Interior Red Flags
Generally speaking, carpentry problems in a used motorhome are the least of the red flag issues as they just take a re-application and they’re good. What takes up most of the red flags are plumbing and electrical. However, the first two are carpentry-related.
I wish the term ‘Trim Pops’ was a dessert, but it’s not. If the trim on door jambs is popping off, it could simply be a nail has come loose and you need to replace it. However, it could mean the board is warped and can’t be nailed back on which could mean… yep, water damage.
You can add this to the ‘exterior’ section as well regarding trim molding on corners.
When water comes into an RV, it goes between the interior and exterior wall. As such, it doesn’t immediately make a stain. That takes time. Which means, any stain on a wall means water (and now mold) has most likely been in there for quite a while.
Not only will you need to get the mold out, you’ll need to use some carpentry skills or a carpenter to replace what needed to be taken out.
Sometimes people spill stuff on the floor and it stains. That is not where I’m going here. I’m talking stains around the kitchen sink and the toilet. Those stains mean a leak and leaks mean a lot of money for both a plumber and a carpenter.
Some Lights On, Some Lights Off
Could be as simple as a fuse replacement and it probably is for recently made motorhomes. Or, it could be a wiring issue and need the services of an electrician. If that’s the case, you’re talking a lot of work and a big repair bill.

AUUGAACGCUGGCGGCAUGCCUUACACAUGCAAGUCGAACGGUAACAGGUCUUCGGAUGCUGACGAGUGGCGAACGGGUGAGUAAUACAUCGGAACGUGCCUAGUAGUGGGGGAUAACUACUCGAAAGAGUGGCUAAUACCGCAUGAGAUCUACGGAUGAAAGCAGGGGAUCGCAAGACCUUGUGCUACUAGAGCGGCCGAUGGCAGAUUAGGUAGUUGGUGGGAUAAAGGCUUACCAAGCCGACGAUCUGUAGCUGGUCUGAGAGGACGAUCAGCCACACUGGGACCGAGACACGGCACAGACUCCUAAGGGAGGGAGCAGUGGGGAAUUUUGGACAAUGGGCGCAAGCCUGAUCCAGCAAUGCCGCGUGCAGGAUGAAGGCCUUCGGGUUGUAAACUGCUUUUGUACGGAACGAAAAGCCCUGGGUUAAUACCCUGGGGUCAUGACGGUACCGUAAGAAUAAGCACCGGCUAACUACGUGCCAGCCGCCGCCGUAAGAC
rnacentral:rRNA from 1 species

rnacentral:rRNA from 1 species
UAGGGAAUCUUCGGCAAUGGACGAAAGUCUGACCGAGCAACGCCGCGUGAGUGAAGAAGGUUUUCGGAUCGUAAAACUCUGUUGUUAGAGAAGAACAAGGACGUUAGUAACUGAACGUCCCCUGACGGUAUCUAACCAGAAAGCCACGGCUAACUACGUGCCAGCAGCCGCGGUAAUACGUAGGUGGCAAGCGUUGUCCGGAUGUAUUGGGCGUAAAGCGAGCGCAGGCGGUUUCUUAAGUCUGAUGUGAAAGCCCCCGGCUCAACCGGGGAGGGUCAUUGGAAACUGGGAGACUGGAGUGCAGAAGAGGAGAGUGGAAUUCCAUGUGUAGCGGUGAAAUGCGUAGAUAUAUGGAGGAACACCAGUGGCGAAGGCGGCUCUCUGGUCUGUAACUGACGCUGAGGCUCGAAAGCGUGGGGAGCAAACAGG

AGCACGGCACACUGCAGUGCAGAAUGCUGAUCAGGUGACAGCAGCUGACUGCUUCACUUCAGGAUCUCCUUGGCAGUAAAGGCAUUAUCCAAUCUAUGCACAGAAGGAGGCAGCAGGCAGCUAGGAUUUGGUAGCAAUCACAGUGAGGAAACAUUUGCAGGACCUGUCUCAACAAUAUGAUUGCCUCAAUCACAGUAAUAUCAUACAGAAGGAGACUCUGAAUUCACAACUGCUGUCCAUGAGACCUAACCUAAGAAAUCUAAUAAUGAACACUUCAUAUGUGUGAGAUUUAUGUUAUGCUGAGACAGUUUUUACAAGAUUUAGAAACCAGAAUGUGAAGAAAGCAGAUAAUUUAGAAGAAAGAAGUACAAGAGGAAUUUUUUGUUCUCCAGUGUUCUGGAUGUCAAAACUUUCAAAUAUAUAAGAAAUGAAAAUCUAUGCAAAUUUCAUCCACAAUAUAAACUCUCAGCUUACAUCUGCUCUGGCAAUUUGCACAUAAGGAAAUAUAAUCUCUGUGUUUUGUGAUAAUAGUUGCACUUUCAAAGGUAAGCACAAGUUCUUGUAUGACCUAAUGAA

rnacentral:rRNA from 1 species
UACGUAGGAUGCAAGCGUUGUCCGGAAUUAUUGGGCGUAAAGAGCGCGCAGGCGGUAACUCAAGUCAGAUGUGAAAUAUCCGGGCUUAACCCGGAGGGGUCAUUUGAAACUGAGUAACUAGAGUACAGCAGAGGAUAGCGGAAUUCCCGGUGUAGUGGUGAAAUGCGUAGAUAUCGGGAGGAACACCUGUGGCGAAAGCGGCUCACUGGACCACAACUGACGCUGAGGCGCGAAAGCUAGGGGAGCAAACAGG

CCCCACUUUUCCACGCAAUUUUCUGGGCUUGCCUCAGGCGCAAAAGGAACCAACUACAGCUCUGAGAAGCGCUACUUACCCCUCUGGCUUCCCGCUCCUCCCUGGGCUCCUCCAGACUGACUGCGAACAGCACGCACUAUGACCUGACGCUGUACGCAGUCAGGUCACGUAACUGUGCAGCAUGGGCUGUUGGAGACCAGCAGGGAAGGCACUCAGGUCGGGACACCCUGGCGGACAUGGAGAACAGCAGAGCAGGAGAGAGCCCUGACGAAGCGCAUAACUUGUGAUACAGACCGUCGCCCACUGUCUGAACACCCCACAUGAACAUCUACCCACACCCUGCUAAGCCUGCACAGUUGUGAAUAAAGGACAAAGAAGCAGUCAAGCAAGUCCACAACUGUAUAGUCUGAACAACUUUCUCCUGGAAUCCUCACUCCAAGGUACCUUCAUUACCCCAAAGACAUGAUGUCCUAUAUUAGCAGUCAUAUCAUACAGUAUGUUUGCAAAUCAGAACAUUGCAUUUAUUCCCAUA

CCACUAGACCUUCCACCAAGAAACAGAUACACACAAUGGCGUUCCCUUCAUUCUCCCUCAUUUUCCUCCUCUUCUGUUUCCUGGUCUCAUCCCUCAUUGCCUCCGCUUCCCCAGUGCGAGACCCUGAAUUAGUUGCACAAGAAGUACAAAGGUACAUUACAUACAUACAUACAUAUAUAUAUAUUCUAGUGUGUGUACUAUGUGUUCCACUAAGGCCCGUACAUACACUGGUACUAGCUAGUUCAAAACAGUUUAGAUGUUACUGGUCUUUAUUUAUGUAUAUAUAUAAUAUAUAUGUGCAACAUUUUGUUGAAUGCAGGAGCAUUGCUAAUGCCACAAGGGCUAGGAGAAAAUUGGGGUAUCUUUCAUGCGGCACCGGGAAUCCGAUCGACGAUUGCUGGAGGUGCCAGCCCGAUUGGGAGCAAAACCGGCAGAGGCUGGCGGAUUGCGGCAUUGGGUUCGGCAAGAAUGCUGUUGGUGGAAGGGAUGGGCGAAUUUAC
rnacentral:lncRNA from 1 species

No Gas Flame
You can get the burner to ‘click’ but you can’t get it to ignite? If the used motorhome you have your eye on has sat for a while, it may simply mean there’s no gas or the pilot light has gone out.
Either way, the burners need to work before you plunk down your hard-earned money on it. Pilot lights and gas are easy. Replacing gas lines because of corrosion? Not so easy.
This has by no means been a comprehensive list. Other red flag items may involve the awning (coming out – and straight – is good), air conditioning (on and cool are best), generator (on and smooth running), heat (shouldn’t smell like a opossum lives in the ductwork) are a few more.
All in all, it’s best to take along someone else who’s well-versed in what to look for when used motorhome shopping, and who can look at it with a jaundiced eye for those red flags after you’ve fallen in love with it.
If you have any questions or opinions, feel free to leave a comment below!
One thing not mentioned in your article is checking for exterior delamination. I purchased an RV that looked good on the exterior and the roof had recent re-caulking. No signs of inside leakage. After purchase and upon further examination I found many areas of delamination. RV’s with the vinyl like siding can be checked quite easily for delamination by tapping the exterior walls with a screwdriver handle and listen for hollow sounds. If you find ANY, walk away! Exterior delamination is nearly impossible to detect by visual examinations.